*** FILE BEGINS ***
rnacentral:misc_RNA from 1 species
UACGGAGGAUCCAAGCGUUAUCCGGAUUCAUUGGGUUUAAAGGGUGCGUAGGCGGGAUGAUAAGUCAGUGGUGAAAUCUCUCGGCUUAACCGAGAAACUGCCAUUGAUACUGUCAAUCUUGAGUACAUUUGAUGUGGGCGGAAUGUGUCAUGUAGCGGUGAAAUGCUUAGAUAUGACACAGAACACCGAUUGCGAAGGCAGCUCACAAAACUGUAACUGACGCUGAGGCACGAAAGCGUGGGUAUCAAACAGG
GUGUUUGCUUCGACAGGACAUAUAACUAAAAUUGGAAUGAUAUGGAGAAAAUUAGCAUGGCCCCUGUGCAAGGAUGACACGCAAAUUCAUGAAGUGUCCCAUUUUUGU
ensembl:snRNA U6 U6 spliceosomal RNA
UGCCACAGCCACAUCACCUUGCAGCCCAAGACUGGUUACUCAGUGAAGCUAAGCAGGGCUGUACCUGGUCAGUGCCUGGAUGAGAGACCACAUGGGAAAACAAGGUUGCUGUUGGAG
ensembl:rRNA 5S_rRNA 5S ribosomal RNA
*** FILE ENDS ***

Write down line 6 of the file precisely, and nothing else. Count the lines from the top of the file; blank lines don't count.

ensembl:rRNA 5S_rRNA 5S ribosomal RNA